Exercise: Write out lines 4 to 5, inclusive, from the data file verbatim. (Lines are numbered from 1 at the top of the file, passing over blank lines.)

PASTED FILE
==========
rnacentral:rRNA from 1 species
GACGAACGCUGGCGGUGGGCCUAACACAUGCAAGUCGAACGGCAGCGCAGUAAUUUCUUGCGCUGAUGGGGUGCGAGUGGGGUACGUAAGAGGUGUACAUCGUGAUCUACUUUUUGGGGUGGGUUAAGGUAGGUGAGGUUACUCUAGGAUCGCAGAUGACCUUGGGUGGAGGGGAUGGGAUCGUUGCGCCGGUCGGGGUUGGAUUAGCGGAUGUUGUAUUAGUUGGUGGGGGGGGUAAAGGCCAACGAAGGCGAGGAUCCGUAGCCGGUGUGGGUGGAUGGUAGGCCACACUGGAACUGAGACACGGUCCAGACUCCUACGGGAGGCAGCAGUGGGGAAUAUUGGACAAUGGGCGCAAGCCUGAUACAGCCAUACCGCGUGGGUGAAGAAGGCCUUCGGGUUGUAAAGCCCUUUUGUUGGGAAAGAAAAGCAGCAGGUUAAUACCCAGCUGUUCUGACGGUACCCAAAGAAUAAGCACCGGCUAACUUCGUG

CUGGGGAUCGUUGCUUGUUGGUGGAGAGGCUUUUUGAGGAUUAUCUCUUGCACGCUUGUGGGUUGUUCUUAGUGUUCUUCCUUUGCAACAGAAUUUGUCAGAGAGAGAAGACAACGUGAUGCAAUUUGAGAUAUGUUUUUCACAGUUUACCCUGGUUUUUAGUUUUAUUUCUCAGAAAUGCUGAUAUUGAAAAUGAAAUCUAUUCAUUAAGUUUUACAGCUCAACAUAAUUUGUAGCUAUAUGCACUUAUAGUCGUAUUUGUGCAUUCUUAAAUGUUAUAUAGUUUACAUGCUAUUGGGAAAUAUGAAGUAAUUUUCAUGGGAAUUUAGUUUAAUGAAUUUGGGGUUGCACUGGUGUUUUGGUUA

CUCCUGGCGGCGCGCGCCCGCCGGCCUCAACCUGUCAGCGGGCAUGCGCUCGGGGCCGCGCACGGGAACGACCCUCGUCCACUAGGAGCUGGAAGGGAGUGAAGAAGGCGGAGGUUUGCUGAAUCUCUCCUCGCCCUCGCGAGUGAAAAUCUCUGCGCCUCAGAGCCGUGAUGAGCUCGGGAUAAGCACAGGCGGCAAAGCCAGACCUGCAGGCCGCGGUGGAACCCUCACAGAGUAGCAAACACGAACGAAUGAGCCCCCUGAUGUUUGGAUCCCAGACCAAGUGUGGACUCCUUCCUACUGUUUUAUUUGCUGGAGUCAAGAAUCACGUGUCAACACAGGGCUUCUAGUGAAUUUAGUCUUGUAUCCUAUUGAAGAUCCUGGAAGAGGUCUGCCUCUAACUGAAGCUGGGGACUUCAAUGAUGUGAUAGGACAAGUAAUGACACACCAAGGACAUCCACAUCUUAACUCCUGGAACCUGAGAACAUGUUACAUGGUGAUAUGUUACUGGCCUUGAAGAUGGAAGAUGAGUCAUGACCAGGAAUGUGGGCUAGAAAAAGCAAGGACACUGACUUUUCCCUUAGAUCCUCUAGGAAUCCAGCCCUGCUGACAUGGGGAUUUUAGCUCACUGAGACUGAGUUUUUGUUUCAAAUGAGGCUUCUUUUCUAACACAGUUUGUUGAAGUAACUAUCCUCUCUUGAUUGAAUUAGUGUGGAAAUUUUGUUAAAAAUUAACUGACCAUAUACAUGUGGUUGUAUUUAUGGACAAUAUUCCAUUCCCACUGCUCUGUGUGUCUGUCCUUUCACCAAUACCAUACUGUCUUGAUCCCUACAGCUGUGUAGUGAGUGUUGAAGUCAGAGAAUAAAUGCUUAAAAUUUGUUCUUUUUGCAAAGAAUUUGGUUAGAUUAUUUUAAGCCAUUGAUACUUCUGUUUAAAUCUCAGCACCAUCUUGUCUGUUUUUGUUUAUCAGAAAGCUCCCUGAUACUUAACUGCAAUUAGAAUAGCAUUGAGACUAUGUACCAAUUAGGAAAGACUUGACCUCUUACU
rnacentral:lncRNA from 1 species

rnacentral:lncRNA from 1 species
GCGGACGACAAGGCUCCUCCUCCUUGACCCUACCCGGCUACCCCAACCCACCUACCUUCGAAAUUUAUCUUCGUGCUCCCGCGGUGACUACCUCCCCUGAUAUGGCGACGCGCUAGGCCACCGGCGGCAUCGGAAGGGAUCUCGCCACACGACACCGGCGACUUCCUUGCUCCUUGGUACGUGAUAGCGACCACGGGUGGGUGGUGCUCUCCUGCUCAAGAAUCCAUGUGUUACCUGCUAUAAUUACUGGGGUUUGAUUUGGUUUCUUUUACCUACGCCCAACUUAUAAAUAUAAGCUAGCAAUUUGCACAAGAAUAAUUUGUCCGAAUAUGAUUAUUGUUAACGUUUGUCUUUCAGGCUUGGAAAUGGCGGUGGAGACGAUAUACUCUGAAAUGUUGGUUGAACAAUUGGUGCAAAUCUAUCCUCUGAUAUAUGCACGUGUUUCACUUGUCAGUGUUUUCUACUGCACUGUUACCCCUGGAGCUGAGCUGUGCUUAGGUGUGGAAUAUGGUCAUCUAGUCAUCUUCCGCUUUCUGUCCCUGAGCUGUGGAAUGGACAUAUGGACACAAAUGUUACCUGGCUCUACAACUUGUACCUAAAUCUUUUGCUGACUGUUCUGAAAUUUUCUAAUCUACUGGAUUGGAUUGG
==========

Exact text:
CUCCUGGCGGCGCGCGCCCGCCGGCCUCAACCUGUCAGCGGGCAUGCGCUCGGGGCCGCGCACGGGAACGACCCUCGUCCACUAGGAGCUGGAAGGGAGUGAAGAAGGCGGAGGUUUGCUGAAUCUCUCCUCGCCCUCGCGAGUGAAAAUCUCUGCGCCUCAGAGCCGUGAUGAGCUCGGGAUAAGCACAGGCGGCAAAGCCAGACCUGCAGGCCGCGGUGGAACCCUCACAGAGUAGCAAACACGAACGAAUGAGCCCCCUGAUGUUUGGAUCCCAGACCAAGUGUGGACUCCUUCCUACUGUUUUAUUUGCUGGAGUCAAGAAUCACGUGUCAACACAGGGCUUCUAGUGAAUUUAGUCUUGUAUCCUAUUGAAGAUCCUGGAAGAGGUCUGCCUCUAACUGAAGCUGGGGACUUCAAUGAUGUGAUAGGACAAGUAAUGACACACCAAGGACAUCCACAUCUUAACUCCUGGAACCUGAGAACAUGUUACAUGGUGAUAUGUUACUGGCCUUGAAGAUGGAAGAUGAGUCAUGACCAGGAAUGUGGGCUAGAAAAAGCAAGGACACUGACUUUUCCCUUAGAUCCUCUAGGAAUCCAGCCCUGCUGACAUGGGGAUUUUAGCUCACUGAGACUGAGUUUUUGUUUCAAAUGAGGCUUCUUUUCUAACACAGUUUGUUGAAGUAACUAUCCUCUCUUGAUUGAAUUAGUGUGGAAAUUUUGUUAAAAAUUAACUGACCAUAUACAUGUGGUUGUAUUUAUGGACAAUAUUCCAUUCCCACUGCUCUGUGUGUCUGUCCUUUCACCAAUACCAUACUGUCUUGAUCCCUACAGCUGUGUAGUGAGUGUUGAAGUCAGAGAAUAAAUGCUUAAAAUUUGUUCUUUUUGCAAAGAAUUUGGUUAGAUUAUUUUAAGCCAUUGAUACUUCUGUUUAAAUCUCAGCACCAUCUUGUCUGUUUUUGUUUAUCAGAAAGCUCCCUGAUACUUAACUGCAAUUAGAAUAGCAUUGAGACUAUGUACCAAUUAGGAAAGACUUGACCUCUUACU
rnacentral:lncRNA from 1 species